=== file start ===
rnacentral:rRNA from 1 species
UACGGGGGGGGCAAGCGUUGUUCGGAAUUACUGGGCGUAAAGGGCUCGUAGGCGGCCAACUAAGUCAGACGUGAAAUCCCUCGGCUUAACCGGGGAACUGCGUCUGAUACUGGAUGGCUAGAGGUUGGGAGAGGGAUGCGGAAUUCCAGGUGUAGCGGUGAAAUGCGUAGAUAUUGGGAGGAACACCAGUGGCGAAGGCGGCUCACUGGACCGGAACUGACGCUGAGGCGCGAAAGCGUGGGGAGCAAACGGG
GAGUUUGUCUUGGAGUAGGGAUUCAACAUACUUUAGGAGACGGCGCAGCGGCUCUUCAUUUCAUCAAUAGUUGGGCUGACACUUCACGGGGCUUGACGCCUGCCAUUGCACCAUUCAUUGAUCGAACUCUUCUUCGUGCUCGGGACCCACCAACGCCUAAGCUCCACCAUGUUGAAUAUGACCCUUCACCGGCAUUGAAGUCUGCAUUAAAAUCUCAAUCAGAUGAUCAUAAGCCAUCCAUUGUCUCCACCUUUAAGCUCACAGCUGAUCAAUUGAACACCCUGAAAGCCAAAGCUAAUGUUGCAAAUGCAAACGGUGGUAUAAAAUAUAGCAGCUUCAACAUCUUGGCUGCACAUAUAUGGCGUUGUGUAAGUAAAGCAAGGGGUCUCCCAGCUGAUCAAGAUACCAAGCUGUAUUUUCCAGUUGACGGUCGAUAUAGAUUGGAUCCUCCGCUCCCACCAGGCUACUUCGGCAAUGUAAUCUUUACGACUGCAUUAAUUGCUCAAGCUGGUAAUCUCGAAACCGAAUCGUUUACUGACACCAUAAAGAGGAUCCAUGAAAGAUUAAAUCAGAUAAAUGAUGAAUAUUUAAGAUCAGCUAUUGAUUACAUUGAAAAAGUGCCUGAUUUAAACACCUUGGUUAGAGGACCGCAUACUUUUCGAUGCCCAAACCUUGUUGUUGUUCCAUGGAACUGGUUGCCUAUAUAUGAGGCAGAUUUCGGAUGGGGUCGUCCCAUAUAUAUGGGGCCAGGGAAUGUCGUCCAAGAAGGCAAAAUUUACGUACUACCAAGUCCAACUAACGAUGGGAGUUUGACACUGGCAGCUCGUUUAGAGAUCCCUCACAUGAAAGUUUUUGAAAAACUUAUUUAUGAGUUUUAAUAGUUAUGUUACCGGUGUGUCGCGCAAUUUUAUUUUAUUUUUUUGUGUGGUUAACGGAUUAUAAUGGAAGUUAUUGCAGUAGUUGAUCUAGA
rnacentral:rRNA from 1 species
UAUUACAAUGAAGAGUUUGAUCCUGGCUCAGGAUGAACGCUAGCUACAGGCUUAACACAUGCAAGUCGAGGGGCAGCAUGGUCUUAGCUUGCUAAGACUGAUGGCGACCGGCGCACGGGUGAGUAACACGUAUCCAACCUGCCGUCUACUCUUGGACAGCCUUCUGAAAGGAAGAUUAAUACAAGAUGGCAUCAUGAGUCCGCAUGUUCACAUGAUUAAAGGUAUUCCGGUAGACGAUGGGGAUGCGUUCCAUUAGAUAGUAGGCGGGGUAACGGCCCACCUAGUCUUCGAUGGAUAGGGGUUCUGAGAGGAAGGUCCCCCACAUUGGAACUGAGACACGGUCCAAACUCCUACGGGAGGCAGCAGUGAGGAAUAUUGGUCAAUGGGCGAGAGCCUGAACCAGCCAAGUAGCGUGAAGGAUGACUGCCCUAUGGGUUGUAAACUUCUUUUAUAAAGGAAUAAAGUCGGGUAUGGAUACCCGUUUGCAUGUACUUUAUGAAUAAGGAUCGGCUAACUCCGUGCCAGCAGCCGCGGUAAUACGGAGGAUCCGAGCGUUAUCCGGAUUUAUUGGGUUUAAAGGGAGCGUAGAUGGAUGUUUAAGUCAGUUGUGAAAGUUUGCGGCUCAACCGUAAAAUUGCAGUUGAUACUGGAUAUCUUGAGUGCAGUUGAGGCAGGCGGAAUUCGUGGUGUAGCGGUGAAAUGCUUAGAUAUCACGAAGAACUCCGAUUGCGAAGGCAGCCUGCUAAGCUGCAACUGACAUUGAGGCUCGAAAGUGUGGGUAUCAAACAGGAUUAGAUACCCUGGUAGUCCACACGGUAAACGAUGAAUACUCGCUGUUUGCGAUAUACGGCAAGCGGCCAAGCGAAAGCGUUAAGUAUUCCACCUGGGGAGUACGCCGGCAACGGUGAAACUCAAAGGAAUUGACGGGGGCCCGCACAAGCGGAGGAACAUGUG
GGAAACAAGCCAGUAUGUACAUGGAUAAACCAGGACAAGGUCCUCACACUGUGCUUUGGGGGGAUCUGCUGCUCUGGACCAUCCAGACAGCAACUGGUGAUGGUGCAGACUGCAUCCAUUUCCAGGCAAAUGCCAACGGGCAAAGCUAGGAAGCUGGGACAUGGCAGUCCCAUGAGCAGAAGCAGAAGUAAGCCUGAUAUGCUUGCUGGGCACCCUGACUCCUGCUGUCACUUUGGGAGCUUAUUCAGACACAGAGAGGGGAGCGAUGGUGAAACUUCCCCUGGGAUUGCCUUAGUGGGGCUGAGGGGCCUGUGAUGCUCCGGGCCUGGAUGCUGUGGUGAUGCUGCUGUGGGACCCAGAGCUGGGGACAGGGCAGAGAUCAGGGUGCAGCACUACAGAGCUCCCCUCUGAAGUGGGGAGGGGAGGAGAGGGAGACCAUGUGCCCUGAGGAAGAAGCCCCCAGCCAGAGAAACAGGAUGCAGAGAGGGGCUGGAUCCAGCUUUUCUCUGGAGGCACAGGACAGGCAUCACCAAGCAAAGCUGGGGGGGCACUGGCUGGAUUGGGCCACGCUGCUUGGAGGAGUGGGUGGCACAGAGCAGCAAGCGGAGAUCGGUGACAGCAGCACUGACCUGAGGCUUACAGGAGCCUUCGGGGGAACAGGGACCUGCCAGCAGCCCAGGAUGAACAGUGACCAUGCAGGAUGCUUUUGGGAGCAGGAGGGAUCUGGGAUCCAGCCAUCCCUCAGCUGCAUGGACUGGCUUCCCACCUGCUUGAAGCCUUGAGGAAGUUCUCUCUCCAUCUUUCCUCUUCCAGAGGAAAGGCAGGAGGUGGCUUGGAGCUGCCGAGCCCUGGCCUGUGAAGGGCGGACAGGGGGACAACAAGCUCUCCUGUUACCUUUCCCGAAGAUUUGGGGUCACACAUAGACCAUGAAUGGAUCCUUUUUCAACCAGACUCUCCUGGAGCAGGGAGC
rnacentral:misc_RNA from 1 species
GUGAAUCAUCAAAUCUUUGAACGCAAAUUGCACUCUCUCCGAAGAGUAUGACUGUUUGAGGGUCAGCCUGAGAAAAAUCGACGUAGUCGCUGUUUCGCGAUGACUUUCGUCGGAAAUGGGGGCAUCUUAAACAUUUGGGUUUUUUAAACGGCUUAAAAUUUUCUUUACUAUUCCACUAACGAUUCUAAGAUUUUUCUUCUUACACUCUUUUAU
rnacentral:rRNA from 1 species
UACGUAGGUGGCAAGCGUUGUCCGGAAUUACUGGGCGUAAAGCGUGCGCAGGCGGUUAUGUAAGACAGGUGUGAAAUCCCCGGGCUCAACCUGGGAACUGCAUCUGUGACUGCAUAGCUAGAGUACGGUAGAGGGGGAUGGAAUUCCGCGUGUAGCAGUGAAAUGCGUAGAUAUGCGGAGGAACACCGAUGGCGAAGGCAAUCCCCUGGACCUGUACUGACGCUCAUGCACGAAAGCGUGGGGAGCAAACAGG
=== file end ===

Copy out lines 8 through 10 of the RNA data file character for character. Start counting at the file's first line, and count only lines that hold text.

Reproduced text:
GUGAAUCAUCAAAUCUUUGAACGCAAAUUGCACUCUCUCCGAAGAGUAUGACUGUUUGAGGGUCAGCCUGAGAAAAAUCGACGUAGUCGCUGUUUCGCGAUGACUUUCGUCGGAAAUGGGGGCAUCUUAAACAUUUGGGUUUUUUAAACGGCUUAAAAUUUUCUUUACUAUUCCACUAACGAUUCUAAGAUUUUUCUUCUUACACUCUUUUAU
rnacentral:rRNA from 1 species
UACGUAGGUGGCAAGCGUUGUCCGGAAUUACUGGGCGUAAAGCGUGCGCAGGCGGUUAUGUAAGACAGGUGUGAAAUCCCCGGGCUCAACCUGGGAACUGCAUCUGUGACUGCAUAGCUAGAGUACGGUAGAGGGGGAUGGAAUUCCGCGUGUAGCAGUGAAAUGCGUAGAUAUGCGGAGGAACACCGAUGGCGAAGGCAAUCCCCUGGACCUGUACUGACGCUCAUGCACGAAAGCGUGGGGAGCAAACAGG